Should AI-Generated Art Be Considered Real Art?


As AI art generators take the world by storm, some people wonder if it should count as art at all. The technology is still evolving and has some wrinkles to iron out, which means there are indeed flaws to consider alongside the incredible artwork a good artificial intelligence can produce.

Let’s explore the issue by breaking down the definition of art and whether or not AI-based work fits within that umbrella.

What Is Art?

Starting with the etymology of the word, Merriam-Webster’s definition states that “art” stems from the Latin word “ars”, which means, among other things, acquired skill, craftsmanship, and artistic achievement.

Today, there’s little consensus between philosophers and artists as to what real art is. As the Stanford Encyclopedia of Philosophy explains regarding modern interpretations, there are two conventionalist definitions:

  1. An artwork is an artifact made for the public to experience.
  2. It is an evolution of works that came before.

At the same time, traditionalism values an artwork’s functionality, while hybrid theories see something as art if it meets certain conditions, such as embodying a function of a central art form of a particular time, whether it was intentional or not.

Besides several definitions of art, an important lesson to take away is that even experts have different opinions as to what “real” art means. The matter is clearly subjective, so you can’t definitively classify the works of AI engines.

How Is AI Art Created?

A major part of AI-generated art and its technology was the development of artificial neural networks (ANN) from the mid-1900s onwards.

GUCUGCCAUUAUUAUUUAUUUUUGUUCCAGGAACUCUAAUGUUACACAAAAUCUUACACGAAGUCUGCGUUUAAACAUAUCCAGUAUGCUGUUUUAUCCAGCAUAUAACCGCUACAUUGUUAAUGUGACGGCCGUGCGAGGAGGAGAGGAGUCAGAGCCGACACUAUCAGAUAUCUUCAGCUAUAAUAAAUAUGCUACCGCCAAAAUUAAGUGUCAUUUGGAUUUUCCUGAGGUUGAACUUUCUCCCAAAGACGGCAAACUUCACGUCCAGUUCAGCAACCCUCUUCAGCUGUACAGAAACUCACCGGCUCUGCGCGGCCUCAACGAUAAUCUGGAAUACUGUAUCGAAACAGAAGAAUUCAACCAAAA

Generative adversarial networks (GANs) were then invented in 2015, which led to Google’s Alexander Mordvintsev putting them to work in his DeepDream algorithm alongside convolutional neural networks (ConvNets), a type of ANN.

According to The MIT Press Reader’s article on DeepDream, ConvNets are fed millions of images and their descriptions until the networks can effectively recognize, for example, faces, dog breeds, and patterns in data.

Mordvintsev kept training his models of algorithms with a range of datasets and text-to-image prompts until DeepDream started producing beautiful and mind-bending images. This is at the heart of AI art generators: streams of information, from pictures to dates and alt text, that help them classify different visuals and then reproduce them as directed by a written prompt.

The technology evolved further thanks to companies like OpenAI and its Dall-E program, one of the best platforms for creating images using AI. We also have Midjourney pushing the boundaries of digital art, as well as mobile apps like Wombo Dream’s AI art creator.

At the end of the day, AI art generators use deep learning to absorb pre-existing information and understand what different objects, textures, or concepts look like.

Why AI-Generated Art Is Not Considered Real Art

With a basic understanding of the technology behind AI art generators and definitions of real art, we can work out where these digital creations fit in the art world. It’s an important task that can benefit other mainstream fields of artificial intelligence like text-to-video AI generators and social media features like TikTok’s AI greenscreen filter.

Artificial Intelligence Lacks Emotions That Fuel Art

Ultimately, art is classed as the product of imagination, skill, experience, and emotion, usually meant to represent something and for the public to enjoy.

But there are human creations that don’t tick any of these boxes and yet are considered art because people made them. They spent time and effort putting their inner worlds onto that canvas, sculpture, or composition.

Machine intelligence also puts a lot of work into sorting through tons of data, linking someone’s prompt to datasets, and trying to represent it as best as possible. The difference is that the AI is compelled by commands, not an emotional need to express itself.

AI Art Isn’t Original

Then, there’s the matter of originality. AI generators use pre-existing images and often merge them to illustrate a requested subject, concept, artistic form, and so on. Even among manmade artworks, some experts consider true art as that which is unique and emotive in a way never encountered before.